from the control group, we selected randomly 2 teams of students. This test consisted
in that the students had to solve a problem during 10 minutes. The problem was to
build a route which joined a defined amount of dots over a surface, considering
special requirements and restrictions. The target, requirements, and restrictions were
given on paper to each student. The performance of the students was observed by 2
evaluators. Once the test was finished, a few questions, both oral and written, were
asked to the students about the experience.
The observations made during this test showed a small improvement in those
students from experimental group over the control group. In general, these students
tended to organize faster and to discuss more between them. Nevertheless, the most
interesting difference between both groups was that the students from the
experimental group followed the whole problem-solving cycle, including evaluation
of obtained results and comparing them with the requirements presented at the
beginning of the work.
The Evolution game was motivating for users, producing satisfaction and desire to
recommend it to others and to play again. Sounds and images used in the game were
pleasant to users and allowed to convey information.
Integrating games into education is not easy to achieve. There is an attempt to
articulate playful concepts with complex concepts, quickness with reflection. Our
game integrated these concepts to a level we could define as procedural: students
manipulated variables to achieve the evolution of their species. Nevertheless, the
declarative level was the teacher task out of schedule. Then, they researched over the
Internet, discussed concepts, and systematized information. We believe that this first
experience could be improved and represent a promising future line of work.
In more global terms, users were satisfied with the project. One of the things most
remarked by users was the game contribution to learning, and the newness and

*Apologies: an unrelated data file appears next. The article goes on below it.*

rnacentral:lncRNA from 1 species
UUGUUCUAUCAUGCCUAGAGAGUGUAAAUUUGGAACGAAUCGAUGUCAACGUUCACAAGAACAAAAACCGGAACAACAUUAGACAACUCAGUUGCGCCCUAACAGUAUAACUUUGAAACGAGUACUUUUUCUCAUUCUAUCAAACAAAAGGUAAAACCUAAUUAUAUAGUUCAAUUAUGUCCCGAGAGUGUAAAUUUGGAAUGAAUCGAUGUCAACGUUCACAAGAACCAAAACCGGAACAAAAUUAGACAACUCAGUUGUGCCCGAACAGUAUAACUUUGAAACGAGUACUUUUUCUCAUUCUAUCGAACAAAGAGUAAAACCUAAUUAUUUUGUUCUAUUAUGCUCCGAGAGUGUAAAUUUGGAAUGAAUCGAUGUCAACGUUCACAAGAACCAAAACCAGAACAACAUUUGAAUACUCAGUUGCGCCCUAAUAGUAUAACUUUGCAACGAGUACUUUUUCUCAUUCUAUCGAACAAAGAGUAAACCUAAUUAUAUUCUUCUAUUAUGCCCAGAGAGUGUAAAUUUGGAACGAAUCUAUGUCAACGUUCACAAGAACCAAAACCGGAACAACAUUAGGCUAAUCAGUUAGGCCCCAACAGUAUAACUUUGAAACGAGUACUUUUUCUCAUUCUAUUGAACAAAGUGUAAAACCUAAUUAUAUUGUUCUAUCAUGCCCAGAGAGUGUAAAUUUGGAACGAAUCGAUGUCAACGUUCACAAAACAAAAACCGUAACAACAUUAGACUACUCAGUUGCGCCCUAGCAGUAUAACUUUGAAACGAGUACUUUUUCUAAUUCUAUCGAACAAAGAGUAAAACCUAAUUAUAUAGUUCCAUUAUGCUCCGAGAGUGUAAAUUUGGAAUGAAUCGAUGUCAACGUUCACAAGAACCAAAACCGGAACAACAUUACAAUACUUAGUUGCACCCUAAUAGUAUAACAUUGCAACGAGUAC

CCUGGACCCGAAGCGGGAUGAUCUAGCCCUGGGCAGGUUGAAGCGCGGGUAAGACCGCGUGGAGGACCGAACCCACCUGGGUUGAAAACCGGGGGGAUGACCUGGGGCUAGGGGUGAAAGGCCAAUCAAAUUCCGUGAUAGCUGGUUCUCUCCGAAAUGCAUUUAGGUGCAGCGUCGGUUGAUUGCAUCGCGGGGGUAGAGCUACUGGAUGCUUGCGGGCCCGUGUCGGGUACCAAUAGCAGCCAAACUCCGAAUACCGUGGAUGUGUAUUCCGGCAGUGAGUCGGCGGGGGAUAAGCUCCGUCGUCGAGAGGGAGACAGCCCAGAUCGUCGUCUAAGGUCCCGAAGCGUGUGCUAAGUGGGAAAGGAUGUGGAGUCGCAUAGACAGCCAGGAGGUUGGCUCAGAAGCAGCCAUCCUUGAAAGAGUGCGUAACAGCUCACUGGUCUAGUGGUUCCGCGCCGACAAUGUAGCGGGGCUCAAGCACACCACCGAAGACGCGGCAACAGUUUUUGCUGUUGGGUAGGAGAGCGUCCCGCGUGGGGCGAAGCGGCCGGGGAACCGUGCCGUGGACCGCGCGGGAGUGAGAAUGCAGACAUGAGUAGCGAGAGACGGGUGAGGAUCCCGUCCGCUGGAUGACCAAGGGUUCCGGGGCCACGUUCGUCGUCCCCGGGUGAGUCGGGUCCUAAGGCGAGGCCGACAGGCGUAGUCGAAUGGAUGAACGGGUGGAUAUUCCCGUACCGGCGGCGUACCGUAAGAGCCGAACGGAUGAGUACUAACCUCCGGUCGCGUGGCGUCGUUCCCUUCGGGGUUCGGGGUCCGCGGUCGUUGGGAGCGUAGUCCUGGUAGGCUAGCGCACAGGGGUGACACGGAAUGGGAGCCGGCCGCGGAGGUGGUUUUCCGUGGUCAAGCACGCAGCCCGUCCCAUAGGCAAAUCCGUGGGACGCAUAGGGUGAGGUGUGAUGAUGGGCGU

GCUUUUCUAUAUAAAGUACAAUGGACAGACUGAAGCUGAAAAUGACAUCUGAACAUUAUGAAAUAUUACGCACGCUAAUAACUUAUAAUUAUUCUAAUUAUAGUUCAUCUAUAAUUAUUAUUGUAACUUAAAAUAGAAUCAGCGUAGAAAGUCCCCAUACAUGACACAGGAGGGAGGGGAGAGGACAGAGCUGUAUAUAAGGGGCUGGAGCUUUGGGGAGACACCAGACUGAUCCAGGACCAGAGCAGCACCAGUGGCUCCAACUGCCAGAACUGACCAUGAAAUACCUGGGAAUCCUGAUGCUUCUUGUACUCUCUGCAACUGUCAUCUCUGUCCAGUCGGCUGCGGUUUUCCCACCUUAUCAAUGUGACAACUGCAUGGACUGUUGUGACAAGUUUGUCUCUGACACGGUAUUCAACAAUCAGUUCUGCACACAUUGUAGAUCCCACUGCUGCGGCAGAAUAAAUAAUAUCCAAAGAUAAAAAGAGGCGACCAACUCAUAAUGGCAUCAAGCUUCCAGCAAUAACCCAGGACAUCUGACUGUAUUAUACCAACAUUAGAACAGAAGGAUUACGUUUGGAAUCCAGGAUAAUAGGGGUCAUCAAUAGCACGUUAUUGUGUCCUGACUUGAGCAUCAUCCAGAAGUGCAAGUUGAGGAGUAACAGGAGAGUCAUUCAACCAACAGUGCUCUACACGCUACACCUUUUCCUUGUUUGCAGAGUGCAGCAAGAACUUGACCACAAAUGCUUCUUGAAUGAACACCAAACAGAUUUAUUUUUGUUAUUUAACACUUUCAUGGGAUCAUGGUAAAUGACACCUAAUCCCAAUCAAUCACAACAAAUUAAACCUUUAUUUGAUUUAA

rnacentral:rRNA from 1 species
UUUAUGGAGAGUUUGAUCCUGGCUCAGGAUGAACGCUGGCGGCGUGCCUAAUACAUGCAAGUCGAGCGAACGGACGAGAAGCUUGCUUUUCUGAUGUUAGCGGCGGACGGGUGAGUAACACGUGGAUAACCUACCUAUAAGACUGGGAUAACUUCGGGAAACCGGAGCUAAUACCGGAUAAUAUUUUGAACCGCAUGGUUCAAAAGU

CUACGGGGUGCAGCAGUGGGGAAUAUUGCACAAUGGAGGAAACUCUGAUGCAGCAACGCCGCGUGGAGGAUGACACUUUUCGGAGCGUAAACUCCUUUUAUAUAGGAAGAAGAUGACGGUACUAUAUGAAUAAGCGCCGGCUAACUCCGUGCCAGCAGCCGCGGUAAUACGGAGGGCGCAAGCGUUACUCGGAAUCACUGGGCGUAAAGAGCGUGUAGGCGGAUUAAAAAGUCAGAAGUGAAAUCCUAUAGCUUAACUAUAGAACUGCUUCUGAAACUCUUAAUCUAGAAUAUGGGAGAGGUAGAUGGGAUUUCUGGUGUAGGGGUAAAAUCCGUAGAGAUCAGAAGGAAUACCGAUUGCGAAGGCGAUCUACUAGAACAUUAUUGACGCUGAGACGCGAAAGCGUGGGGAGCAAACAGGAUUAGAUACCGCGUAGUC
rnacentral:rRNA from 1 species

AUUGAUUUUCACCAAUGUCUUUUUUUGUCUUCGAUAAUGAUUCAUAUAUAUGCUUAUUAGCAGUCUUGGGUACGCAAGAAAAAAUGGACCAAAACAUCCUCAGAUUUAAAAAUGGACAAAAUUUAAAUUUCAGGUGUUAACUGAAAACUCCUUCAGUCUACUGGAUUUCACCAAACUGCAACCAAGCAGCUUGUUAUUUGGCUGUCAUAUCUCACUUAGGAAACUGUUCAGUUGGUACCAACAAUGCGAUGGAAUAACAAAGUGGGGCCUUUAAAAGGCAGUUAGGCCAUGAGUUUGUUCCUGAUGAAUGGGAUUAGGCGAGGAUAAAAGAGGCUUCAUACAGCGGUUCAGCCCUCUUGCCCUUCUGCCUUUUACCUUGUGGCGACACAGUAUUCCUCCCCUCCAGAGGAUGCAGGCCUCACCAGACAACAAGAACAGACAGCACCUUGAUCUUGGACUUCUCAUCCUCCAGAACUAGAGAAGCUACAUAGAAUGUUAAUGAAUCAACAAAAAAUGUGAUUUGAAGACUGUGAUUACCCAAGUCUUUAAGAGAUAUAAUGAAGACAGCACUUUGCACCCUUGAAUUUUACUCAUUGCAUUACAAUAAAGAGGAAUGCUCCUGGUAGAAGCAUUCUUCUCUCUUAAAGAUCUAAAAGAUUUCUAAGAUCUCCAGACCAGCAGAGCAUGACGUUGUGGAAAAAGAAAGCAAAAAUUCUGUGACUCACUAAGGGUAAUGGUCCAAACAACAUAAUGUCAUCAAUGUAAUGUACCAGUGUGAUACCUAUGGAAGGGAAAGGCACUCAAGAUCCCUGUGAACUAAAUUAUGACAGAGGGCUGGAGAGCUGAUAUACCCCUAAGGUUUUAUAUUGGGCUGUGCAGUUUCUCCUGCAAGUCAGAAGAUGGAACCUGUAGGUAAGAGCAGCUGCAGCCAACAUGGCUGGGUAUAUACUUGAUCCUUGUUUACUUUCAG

mobility of the used technology, which allowed taking advantage of places like the
zoo for curricular purposes.
330 J. Sánchez, A. Salinas, and M. Sáenz
One of the most remarkable aspects was the commitment of learners with the task
performed. The literature about the use of games in education remarks the
commitment with the task as one of the strongest aspects and one of the main
contributions of games to learning. Participant teachers and students agreed that the
commitment produced, even on those times where the task was complex and hard for
learners. This is more interesting when learners often had little tolerance to hard work
and frustration from the harder tasks. We believe this is a very valuable and
interesting clue worth of further research: how the use of games in education can
increment work skills and solve complex problems, and at the same time allowing the
handling and management of learner’s frustration. In one of the visits to BuinZoo a
person who was visiting the zoo approached a research team member asking how we
achieved that students worked so focused and well, even in a context of little control
from teachers. The answer was the focus of the activity they were involved using the
PDA: students were working not to pursue a grade mark or because someone was
controlling their work. Rather, they were working because they were interested in
We also found that the methodology used had an impact on the problem-solving
competitions of learners, but the results indicated that the impact was significant only
on one dimension out of the three analyzed. Our interpretation of this is that the
application was in a short period of time to produce an impact in all dimensions of
problem-solving. This should be explored more fully in future studies.
We believe that the development of games with educational purposes using mobile
devices is rewarding and stimulating. Our work has been guided by the interest of
developing a game with logic close to the most attractive games in the market,
integrating learning contents. We believe it is necessary to continue the study of
learning- embedded games, meaning that a good performance of the game is possible
when the contents are learned. At the same time, we believe that providing spatial
reality to learning (unbinding it to specific places such as the classroom and granting
mobility to students who want to move by nature) open new possibilities to tailor
learning to the learners way of being.
Acknowledgments. This report was funded by the Alliance for Education Program,
Microsoft Corporation, Project Biology Learning with Mobile Technology “ABTm -